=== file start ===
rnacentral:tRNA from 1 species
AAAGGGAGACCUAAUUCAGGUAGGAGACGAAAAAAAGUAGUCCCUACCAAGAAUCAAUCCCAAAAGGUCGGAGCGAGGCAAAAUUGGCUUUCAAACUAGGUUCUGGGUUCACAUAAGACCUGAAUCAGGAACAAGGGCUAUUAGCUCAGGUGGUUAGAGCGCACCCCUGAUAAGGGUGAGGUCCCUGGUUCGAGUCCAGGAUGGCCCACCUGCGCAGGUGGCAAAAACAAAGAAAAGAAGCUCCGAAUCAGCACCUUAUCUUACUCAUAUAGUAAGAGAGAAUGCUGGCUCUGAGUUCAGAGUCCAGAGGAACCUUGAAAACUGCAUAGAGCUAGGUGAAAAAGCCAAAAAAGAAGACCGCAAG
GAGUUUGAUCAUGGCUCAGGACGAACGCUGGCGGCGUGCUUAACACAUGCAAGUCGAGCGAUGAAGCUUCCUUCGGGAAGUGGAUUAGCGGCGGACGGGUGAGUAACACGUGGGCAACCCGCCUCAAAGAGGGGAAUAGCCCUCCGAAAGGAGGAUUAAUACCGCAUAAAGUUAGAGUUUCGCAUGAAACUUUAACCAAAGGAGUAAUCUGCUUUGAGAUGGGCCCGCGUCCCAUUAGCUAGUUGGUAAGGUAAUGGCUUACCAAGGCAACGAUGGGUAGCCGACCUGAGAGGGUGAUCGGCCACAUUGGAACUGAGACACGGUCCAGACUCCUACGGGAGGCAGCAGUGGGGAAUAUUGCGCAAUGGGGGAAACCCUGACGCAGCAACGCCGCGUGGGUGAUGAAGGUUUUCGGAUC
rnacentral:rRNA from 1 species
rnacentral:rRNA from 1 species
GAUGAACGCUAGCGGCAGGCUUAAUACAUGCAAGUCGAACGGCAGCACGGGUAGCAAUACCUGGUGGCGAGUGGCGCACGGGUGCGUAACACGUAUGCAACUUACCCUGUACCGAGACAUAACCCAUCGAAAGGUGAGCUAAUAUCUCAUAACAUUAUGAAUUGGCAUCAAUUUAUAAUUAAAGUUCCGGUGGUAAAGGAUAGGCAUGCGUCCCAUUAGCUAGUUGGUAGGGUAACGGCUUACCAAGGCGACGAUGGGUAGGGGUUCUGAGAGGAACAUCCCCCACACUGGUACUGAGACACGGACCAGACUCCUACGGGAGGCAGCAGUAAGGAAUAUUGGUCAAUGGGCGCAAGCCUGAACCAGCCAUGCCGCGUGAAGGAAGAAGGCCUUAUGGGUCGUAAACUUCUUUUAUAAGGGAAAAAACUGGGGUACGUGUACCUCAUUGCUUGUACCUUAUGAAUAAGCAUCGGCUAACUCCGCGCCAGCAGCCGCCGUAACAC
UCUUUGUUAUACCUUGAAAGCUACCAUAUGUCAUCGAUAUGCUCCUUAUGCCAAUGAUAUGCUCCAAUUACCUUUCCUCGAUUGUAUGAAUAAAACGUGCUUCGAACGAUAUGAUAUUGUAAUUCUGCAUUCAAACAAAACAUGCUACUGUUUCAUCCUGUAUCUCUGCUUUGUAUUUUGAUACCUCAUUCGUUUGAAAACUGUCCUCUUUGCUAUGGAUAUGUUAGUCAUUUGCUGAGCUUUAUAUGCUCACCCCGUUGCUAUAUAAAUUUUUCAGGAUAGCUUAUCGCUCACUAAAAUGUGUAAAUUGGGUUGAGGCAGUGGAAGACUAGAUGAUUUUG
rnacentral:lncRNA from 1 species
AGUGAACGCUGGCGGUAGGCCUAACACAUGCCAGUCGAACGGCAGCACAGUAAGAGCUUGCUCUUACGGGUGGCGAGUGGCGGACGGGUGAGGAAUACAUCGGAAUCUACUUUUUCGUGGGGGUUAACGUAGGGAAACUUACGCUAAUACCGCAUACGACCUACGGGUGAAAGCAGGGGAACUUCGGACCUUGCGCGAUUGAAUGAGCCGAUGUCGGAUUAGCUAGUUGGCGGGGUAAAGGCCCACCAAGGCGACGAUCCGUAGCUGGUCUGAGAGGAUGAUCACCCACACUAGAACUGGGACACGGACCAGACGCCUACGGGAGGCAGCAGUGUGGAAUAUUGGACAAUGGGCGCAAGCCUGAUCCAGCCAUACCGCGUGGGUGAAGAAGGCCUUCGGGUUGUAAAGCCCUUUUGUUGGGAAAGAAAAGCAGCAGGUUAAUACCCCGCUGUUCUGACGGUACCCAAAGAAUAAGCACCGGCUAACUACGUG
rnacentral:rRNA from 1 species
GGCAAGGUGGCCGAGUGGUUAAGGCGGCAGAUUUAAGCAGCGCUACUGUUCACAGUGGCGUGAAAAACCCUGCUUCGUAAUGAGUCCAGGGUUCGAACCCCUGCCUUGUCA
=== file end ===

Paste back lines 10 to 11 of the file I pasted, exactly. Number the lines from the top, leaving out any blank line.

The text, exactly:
rnacentral:rRNA from 1 species
GGCAAGGUGGCCGAGUGGUUAAGGCGGCAGAUUUAAGCAGCGCUACUGUUCACAGUGGCGUGAAAAACCCUGCUUCGUAAUGAGUCCAGGGUUCGAACCCCUGCCUUGUCA